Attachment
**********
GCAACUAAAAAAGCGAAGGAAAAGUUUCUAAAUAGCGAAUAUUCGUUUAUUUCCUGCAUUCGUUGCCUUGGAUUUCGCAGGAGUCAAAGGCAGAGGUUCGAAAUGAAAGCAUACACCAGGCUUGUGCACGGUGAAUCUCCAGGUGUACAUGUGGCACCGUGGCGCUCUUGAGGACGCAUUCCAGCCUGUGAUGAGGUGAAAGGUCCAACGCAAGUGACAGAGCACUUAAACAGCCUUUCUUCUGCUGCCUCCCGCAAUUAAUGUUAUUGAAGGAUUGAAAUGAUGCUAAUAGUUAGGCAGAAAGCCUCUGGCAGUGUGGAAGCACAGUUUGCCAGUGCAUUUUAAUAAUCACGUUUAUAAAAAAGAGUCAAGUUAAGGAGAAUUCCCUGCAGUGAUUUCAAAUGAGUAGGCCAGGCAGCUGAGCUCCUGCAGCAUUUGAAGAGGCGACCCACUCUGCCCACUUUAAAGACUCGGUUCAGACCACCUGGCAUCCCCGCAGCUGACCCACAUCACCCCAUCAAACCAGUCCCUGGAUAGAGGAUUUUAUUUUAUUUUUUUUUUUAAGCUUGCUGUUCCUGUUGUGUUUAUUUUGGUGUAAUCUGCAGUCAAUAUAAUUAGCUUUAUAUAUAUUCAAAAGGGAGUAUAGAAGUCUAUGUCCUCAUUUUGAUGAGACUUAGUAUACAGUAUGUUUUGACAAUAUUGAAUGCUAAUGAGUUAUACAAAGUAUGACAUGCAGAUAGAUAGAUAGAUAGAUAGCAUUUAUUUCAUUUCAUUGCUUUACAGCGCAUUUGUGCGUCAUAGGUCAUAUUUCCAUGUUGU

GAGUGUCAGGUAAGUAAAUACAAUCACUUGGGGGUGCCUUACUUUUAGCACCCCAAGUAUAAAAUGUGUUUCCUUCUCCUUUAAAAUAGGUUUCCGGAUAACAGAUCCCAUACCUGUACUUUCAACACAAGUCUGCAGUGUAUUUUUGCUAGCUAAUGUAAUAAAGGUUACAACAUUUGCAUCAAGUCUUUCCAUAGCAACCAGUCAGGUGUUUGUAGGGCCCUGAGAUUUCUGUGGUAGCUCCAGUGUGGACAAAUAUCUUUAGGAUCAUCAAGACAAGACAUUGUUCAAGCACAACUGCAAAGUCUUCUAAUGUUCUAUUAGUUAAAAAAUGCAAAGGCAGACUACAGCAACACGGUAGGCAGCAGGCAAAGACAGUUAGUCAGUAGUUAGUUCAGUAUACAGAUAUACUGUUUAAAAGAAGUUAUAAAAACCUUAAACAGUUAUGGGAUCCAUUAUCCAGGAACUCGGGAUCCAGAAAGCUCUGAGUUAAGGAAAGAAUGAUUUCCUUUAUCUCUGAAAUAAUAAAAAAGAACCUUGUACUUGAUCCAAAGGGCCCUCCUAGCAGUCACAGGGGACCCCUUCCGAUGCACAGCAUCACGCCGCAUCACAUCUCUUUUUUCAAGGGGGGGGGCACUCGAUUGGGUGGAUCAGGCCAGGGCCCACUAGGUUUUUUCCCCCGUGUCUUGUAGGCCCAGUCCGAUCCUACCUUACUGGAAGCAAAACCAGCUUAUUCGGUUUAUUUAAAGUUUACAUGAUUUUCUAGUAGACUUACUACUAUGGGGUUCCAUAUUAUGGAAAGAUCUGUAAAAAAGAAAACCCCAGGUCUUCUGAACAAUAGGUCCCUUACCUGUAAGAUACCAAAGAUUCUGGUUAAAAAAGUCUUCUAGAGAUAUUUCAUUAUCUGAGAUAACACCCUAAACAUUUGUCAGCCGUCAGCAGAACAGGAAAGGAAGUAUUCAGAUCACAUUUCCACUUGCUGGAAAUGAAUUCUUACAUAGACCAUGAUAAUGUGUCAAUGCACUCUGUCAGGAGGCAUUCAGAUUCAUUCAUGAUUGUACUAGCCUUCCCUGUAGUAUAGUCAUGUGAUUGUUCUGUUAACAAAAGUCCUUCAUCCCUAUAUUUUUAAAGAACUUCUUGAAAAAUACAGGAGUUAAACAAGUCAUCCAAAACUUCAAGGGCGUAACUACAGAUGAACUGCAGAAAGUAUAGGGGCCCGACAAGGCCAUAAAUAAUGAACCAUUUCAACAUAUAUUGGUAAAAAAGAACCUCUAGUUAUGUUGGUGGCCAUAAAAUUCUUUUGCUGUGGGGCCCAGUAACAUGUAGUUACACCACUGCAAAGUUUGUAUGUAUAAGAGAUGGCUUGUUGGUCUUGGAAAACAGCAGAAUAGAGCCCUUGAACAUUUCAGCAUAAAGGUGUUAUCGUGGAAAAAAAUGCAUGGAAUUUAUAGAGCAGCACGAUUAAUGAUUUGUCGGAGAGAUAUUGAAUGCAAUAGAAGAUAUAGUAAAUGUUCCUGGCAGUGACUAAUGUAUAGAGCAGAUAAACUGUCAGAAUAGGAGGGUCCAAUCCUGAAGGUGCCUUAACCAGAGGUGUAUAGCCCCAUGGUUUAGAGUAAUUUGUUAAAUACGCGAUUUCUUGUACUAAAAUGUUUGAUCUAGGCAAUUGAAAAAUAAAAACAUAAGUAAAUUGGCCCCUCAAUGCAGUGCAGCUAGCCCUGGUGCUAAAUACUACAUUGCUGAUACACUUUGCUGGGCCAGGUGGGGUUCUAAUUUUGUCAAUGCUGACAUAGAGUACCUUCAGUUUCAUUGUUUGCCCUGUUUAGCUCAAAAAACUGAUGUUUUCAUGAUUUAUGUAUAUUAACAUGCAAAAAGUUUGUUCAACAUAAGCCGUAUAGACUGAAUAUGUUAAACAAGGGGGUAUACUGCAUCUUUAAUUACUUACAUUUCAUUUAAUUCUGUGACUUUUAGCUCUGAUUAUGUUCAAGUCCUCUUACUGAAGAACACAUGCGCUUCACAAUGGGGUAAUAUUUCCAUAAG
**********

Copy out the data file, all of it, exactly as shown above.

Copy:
GCAACUAAAAAAGCGAAGGAAAAGUUUCUAAAUAGCGAAUAUUCGUUUAUUUCCUGCAUUCGUUGCCUUGGAUUUCGCAGGAGUCAAAGGCAGAGGUUCGAAAUGAAAGCAUACACCAGGCUUGUGCACGGUGAAUCUCCAGGUGUACAUGUGGCACCGUGGCGCUCUUGAGGACGCAUUCCAGCCUGUGAUGAGGUGAAAGGUCCAACGCAAGUGACAGAGCACUUAAACAGCCUUUCUUCUGCUGCCUCCCGCAAUUAAUGUUAUUGAAGGAUUGAAAUGAUGCUAAUAGUUAGGCAGAAAGCCUCUGGCAGUGUGGAAGCACAGUUUGCCAGUGCAUUUUAAUAAUCACGUUUAUAAAAAAGAGUCAAGUUAAGGAGAAUUCCCUGCAGUGAUUUCAAAUGAGUAGGCCAGGCAGCUGAGCUCCUGCAGCAUUUGAAGAGGCGACCCACUCUGCCCACUUUAAAGACUCGGUUCAGACCACCUGGCAUCCCCGCAGCUGACCCACAUCACCCCAUCAAACCAGUCCCUGGAUAGAGGAUUUUAUUUUAUUUUUUUUUUUAAGCUUGCUGUUCCUGUUGUGUUUAUUUUGGUGUAAUCUGCAGUCAAUAUAAUUAGCUUUAUAUAUAUUCAAAAGGGAGUAUAGAAGUCUAUGUCCUCAUUUUGAUGAGACUUAGUAUACAGUAUGUUUUGACAAUAUUGAAUGCUAAUGAGUUAUACAAAGUAUGACAUGCAGAUAGAUAGAUAGAUAGAUAGCAUUUAUUUCAUUUCAUUGCUUUACAGCGCAUUUGUGCGUCAUAGGUCAUAUUUCCAUGUUGU

GAGUGUCAGGUAAGUAAAUACAAUCACUUGGGGGUGCCUUACUUUUAGCACCCCAAGUAUAAAAUGUGUUUCCUUCUCCUUUAAAAUAGGUUUCCGGAUAACAGAUCCCAUACCUGUACUUUCAACACAAGUCUGCAGUGUAUUUUUGCUAGCUAAUGUAAUAAAGGUUACAACAUUUGCAUCAAGUCUUUCCAUAGCAACCAGUCAGGUGUUUGUAGGGCCCUGAGAUUUCUGUGGUAGCUCCAGUGUGGACAAAUAUCUUUAGGAUCAUCAAGACAAGACAUUGUUCAAGCACAACUGCAAAGUCUUCUAAUGUUCUAUUAGUUAAAAAAUGCAAAGGCAGACUACAGCAACACGGUAGGCAGCAGGCAAAGACAGUUAGUCAGUAGUUAGUUCAGUAUACAGAUAUACUGUUUAAAAGAAGUUAUAAAAACCUUAAACAGUUAUGGGAUCCAUUAUCCAGGAACUCGGGAUCCAGAAAGCUCUGAGUUAAGGAAAGAAUGAUUUCCUUUAUCUCUGAAAUAAUAAAAAAGAACCUUGUACUUGAUCCAAAGGGCCCUCCUAGCAGUCACAGGGGACCCCUUCCGAUGCACAGCAUCACGCCGCAUCACAUCUCUUUUUUCAAGGGGGGGGGCACUCGAUUGGGUGGAUCAGGCCAGGGCCCACUAGGUUUUUUCCCCCGUGUCUUGUAGGCCCAGUCCGAUCCUACCUUACUGGAAGCAAAACCAGCUUAUUCGGUUUAUUUAAAGUUUACAUGAUUUUCUAGUAGACUUACUACUAUGGGGUUCCAUAUUAUGGAAAGAUCUGUAAAAAAGAAAACCCCAGGUCUUCUGAACAAUAGGUCCCUUACCUGUAAGAUACCAAAGAUUCUGGUUAAAAAAGUCUUCUAGAGAUAUUUCAUUAUCUGAGAUAACACCCUAAACAUUUGUCAGCCGUCAGCAGAACAGGAAAGGAAGUAUUCAGAUCACAUUUCCACUUGCUGGAAAUGAAUUCUUACAUAGACCAUGAUAAUGUGUCAAUGCACUCUGUCAGGAGGCAUUCAGAUUCAUUCAUGAUUGUACUAGCCUUCCCUGUAGUAUAGUCAUGUGAUUGUUCUGUUAACAAAAGUCCUUCAUCCCUAUAUUUUUAAAGAACUUCUUGAAAAAUACAGGAGUUAAACAAGUCAUCCAAAACUUCAAGGGCGUAACUACAGAUGAACUGCAGAAAGUAUAGGGGCCCGACAAGGCCAUAAAUAAUGAACCAUUUCAACAUAUAUUGGUAAAAAAGAACCUCUAGUUAUGUUGGUGGCCAUAAAAUUCUUUUGCUGUGGGGCCCAGUAACAUGUAGUUACACCACUGCAAAGUUUGUAUGUAUAAGAGAUGGCUUGUUGGUCUUGGAAAACAGCAGAAUAGAGCCCUUGAACAUUUCAGCAUAAAGGUGUUAUCGUGGAAAAAAAUGCAUGGAAUUUAUAGAGCAGCACGAUUAAUGAUUUGUCGGAGAGAUAUUGAAUGCAAUAGAAGAUAUAGUAAAUGUUCCUGGCAGUGACUAAUGUAUAGAGCAGAUAAACUGUCAGAAUAGGAGGGUCCAAUCCUGAAGGUGCCUUAACCAGAGGUGUAUAGCCCCAUGGUUUAGAGUAAUUUGUUAAAUACGCGAUUUCUUGUACUAAAAUGUUUGAUCUAGGCAAUUGAAAAAUAAAAACAUAAGUAAAUUGGCCCCUCAAUGCAGUGCAGCUAGCCCUGGUGCUAAAUACUACAUUGCUGAUACACUUUGCUGGGCCAGGUGGGGUUCUAAUUUUGUCAAUGCUGACAUAGAGUACCUUCAGUUUCAUUGUUUGCCCUGUUUAGCUCAAAAAACUGAUGUUUUCAUGAUUUAUGUAUAUUAACAUGCAAAAAGUUUGUUCAACAUAAGCCGUAUAGACUGAAUAUGUUAAACAAGGGGGUAUACUGCAUCUUUAAUUACUUACAUUUCAUUUAAUUCUGUGACUUUUAGCUCUGAUUAUGUUCAAGUCCUCUUACUGAAGAACACAUGCGCUUCACAAUGGGGUAAUAUUUCCAUAAG